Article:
ACTROS in action
ACTROS in action

Actros thrives on high country test

THE beautiful rolling hills outside Holbrook couldn’t be more different to the Ford stamping plant in the Victorian city of Geelong. Daniel Paponjak can attest to that.

Ten years ago, Daniel was the Production Co-ordinator at the industrial facility stamping plant that pounded steel sheets into panels for Falcon and Territory models.

His brother Mick was a supervisor next door at the engine plant that produced the iconic 4.0-litre Barra six-cylinder engine.

But this morning, the two brothers are making their way along a rugged path on the way to a logging coupe just before the sun breaks over the hills in two matching trucks. The cows in adjoining paddocks continue to graze, paying no attention to the visitors.

The Mercedes-Benz Actros 2663s pass through a creek and climb up the rough dirt track, which leads to breathtaking views of a range that seems to stretch on forever. It’s a much nicer view than the inside of a factory in Geelong.

Daniel lives in Lovely Banks, on the outskirts of Geelong, and leaves home for the Holbrook site at about midnight. After his night shift work at Ford, it suits him perfectly.

“I love driving on the roads when there is no traffic and it’s nice and quiet,” he says.

Not that it is all quiet inside the truck.

When Whitehorse Trucks was taking his order, Daniel specified that he wanted a seriously good sound system.

The $3500 system has six speakers, a 1500w amp and a subwoofer.

“It sounds so good,” says Daniel.

“I love to listen to music and also podcasts when I am driving, so it has very much been worth it.”

Daniel arrives at the logging site near Holbrook just before daybreak. He turns off the main road and through a creek crossing before hitting an up-and-down winding track that he describes as a ‘ball-breaker’.

“This is the roughest track I have ever seen in my eight years in the logging industry,” he explains.

“It is just so rough,” he adds.

Daniel didn’t tick the box for optional Central Tyre Inflation on his trucks, which allows the driver to reduce tyre pressures for increased traction in slippery surfaces and reduce the harshness of bumpy roads on the truck.

This logging coupe track has been tough on tyres, but not the truck itself.

He would probably go for CTI next time around, but both Actros trucks handle the challenge easily and Daniel has not had any issues, much to the surprise of some other log truck drivers.

“Everyone at our sites is running Kenworths and maybe the odd Mack and they thought the Mercedes-Benz wouldn’t last in these conditions, but it hasn’t missed a beat,” Daniel says.

He says that he decided to go with the Actros because he had heard about the fuel economy and reliability and was interested in the five-years of free servicing. But he also admits that he really liked the look of the truck.

Brothers Mick, left and Daniel.
Brothers Mick, left and Daniel.

He chose the grey and decided to trick it up with some stainless steel and a neat bull bar with a LED light bar. Daniel also had the Freighter trailer sets painted in a matching grey colour to really finish off the look.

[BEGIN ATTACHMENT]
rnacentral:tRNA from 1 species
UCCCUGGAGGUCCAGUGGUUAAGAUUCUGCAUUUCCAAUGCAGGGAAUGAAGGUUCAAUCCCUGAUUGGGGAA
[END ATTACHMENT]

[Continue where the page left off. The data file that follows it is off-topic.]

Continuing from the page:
Daniel says he gets feedback from a lot of drivers that it is a really good-looking set-up.

He says the biggest thing he has noticed since owning the truck is the fuel economy it achieves as it runs at 65 tonnes hauling the logs back to a yard in Lara. “I’m saving at least 50 to 70 litres a day compared to the ‘traditional’ logging trucks and that really does add up over a period of time,” he says.

The engine still has plenty of grunt. The last two letters of the 2663 badge hint that the 16-litre in-line six-cylinder engine pumps out a handy 630 horsepower. There is also more torque, available much lower in the rev range, thanks to modern turbocharging and the latest high pressure injection.

The Actros is only available with an automated transmission, so there is no option of an 18-speed manual RoadRanger. But Daniel wouldn’t want anything other than the 12-speed Powershift 3 AMT that is bolted to the engine in his Benz. The positives include comfort and fuel economy as well as not having to work a manual box all day long.

Hard at work.
Hard at work.

“The automatic transmission is just brilliant,” Daniel says.

“One of our runs is to Orbost, in Gippsland and when you are coming down the Monash in the afternoon dealing with the stop-start traffic it can be a long day (without having to work a manual). So, it really is a no brainer to have it,” he says.

He also feels that the advanced Safety Pack, which uses radar and camera technology and is standard on the Actros, is a must-have.

“The technology in the Benz is what puts it apart from the others,” he says.

“I use the adaptive cruise control on the highway and it works brilliantly and the Autonomous Emergency Braking is something that all trucks should have,” Daniel adds.

Daniel and his brother are still hauling logs during the crisis and helping to keep the economy moving, although Daniel did spend two weeks in isolation after a trip to Bali that was cut short due to the COVID-19 crisis. “It wasn’t great, but I was happy to do it to protect vulnerable people in the community,” he says. “I am happy to be back in the truck now though, that’s for sure.”


•ENGINE: OM473 16-litre in-line six-cylinder diesel with asymmetrical turbo and high pressure common rail fuel injection

•OUTPUT: 630hp and 1213lb-ft (3000Nm)

•T RANSMISSION: 12-speed Automated Manual Transmission with crawl function

•SAFETY: Autonomous Emergency Braking, adaptive cruise control and lane departure warning are standard.

•COMBINATION: B-double log-truck running at 68.5 tonnes (on mass management) in Victoria and at 65 tonnes in New South Wales

•TRAILERS: Freighter

•WORK: Hauling plantation timber from Victoria and NSW back to Lara, near Geelong for export